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FICO score

Posted by on Aug. 7, 2016 at 11:19 PM
  • 9 Replies
A bank rep told a co-worker that FICO scores are measured in points: mortgage is 20, car loan is 15, credit cards are 10. Does anyone know if this is true?
by on Aug. 7, 2016 at 11:19 PM
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Replies (1-9):
3mom627
by Member on Aug. 8, 2016 at 3:21 PM
I've never heard that. Your FICO score is something like 700 some points. They consider everything to do with your credit. Credit cards, mortgage, car loans. They also take into consideration on time payments, late payments. You can find your own score at Credit karma for free.
KylesMom409
by Bronze Member on Aug. 21, 2016 at 12:26 PM
Bump!
HaloSue
by on Aug. 21, 2016 at 12:44 PM
1 mom liked this
Highest score is 850 excellent. 760 is considered very good. Most companies turn in to the 3 in the USA. Only when you're over 30 days late. Then it's a mark against your score. They calculate how many times your late per debt.
To have a perfect score it takes years. And lots of credit paid off. Homes,cards,cars,medical, personal loans,etc. they're scored off those,with debit and income ratio per person. I would think the highest level would be homes or business loans.then cars,personl loans, credit cards would be the lowest I believe.
A Percentage of each and how many, sorry. I don't know what they are in today's market.
hotspice58
by New Member on Aug. 23, 2016 at 11:07 PM

Thank you.

Quoting HaloSue: Highest score is 850 excellent. 760 is considered very good. Most companies turn in to the 3 in the USA. Only when you're over 30 days late. Then it's a mark against your score. They calculate how many times your late per debt. To have a perfect score it takes years. And lots of credit paid off. Homes,cards,cars,medical, personal loans,etc. they're scored off those,with debit and income ratio per person. I would think the highest level would be homes or business loans.then cars,personl loans, credit cards would be the lowest I believe. A Percentage of each and how many, sorry. I don't know what they are in today's market.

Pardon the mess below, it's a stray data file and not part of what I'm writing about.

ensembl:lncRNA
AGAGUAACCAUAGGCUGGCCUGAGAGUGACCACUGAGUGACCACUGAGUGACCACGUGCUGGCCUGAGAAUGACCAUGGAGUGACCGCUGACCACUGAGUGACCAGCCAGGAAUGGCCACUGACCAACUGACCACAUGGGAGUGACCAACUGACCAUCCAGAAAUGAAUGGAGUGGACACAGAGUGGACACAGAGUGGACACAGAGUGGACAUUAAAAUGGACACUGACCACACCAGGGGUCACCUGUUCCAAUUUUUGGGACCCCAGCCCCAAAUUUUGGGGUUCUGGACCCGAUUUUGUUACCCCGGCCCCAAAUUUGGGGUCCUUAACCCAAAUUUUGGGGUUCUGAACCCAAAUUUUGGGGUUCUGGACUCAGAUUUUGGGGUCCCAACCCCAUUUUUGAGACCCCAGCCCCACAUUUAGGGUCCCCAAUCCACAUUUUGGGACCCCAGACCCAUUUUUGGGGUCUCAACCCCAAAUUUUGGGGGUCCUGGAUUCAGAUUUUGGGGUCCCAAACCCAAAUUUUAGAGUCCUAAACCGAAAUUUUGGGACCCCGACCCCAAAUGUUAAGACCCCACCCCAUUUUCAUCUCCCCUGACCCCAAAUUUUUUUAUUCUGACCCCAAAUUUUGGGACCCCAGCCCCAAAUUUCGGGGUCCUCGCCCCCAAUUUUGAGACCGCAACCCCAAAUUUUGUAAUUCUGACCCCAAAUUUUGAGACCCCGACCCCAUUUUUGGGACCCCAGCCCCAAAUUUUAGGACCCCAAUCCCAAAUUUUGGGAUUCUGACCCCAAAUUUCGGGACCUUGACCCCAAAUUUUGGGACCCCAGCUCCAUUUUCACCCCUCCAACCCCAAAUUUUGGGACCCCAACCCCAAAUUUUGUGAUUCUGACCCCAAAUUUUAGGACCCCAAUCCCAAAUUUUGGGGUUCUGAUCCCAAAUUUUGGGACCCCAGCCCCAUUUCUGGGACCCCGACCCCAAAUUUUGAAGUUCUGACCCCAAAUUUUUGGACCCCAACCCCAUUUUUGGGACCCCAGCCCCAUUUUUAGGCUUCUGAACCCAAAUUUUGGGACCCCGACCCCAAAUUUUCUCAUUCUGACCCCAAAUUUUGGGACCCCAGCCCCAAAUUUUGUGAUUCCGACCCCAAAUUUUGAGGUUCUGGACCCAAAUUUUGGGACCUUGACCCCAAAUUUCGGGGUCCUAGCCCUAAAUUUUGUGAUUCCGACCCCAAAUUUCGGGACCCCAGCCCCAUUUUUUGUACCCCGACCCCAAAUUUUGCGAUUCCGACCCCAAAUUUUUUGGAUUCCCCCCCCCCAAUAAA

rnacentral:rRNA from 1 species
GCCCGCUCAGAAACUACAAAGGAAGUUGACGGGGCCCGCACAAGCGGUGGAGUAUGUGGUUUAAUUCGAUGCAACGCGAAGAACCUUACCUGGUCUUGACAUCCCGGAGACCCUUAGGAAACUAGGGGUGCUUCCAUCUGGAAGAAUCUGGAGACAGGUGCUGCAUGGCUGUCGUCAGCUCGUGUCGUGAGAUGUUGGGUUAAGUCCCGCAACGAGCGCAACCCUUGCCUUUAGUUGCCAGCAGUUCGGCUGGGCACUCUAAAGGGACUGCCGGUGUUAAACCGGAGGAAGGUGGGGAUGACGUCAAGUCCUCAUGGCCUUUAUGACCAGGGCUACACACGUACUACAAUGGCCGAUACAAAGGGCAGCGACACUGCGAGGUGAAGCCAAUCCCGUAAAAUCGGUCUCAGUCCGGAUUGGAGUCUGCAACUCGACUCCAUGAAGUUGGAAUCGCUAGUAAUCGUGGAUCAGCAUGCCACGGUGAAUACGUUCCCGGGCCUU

lucy1997
by New Member on Sep. 2, 2016 at 8:14 AM

I've heard Dave Ramsey refer to FICO as an I-love-debt-score.  A person who has zero debt and doesn't borrow, will eventually reach a zero debt score. 

MonarchMom22
by Member on Oct. 9, 2016 at 11:25 AM
1 mom liked this

Fice scores are used by more than just loans...  many companies seek your credit score of job applications, and landlords use them to screen tennants.  Since none of us can know if we will ever need to borrow money, it makes sense to monitor and protect your credit score.  This can mean keeping a cc open and using it once a year (longevity of the account is good for your score) or using a gas cc and paying off monthly.

quickbooksworm
by Member on Oct. 9, 2016 at 11:31 AM
Something got lost in translation. FICO is based on several different factors, such as how many inquiries you've had, the types of accounts you have, your balances, and if you make your payments on time. But there aren't points assigned for those things. It's something like 15% of your score is based on making your payments on time.
ivf_blessed
by Bronze Member on Sep. 8, 2017 at 1:29 PM

I just checked my credit score and almost panicked, for some reason I thought it was closer to 900 and had dropped to 822 but then I realized it was just under 800 the last time I checked it and has actually gone up. 

I am wondering, once I am debt free (no interest card holding debt I transferred from pre-divorce days will be paid in full 2018), will my score be affected or will it maintain as long as I continue to pay off the CC I use for expenses every month?  I am hoping to buy a townhome once I am debt free.

hotspice58
by New Member on Sep. 8, 2017 at 4:14 PM

I've read that you need some type of debt to maintain a credit score.  I know when I paid off one car, it went down, then went up.

Quoting ivf_blessed:

I just checked my credit score and almost panicked, for some reason I thought it was closer to 900 and had dropped to 822 but then I realized it was just under 800 the last time I checked it and has actually gone up. 

I am wondering, once I am debt free (no interest card holding debt I transferred from pre-divorce days will be paid in full 2018), will my score be affected or will it maintain as long as I continue to pay off the CC I use for expenses every month?  I am hoping to buy a townhome once I am debt free.


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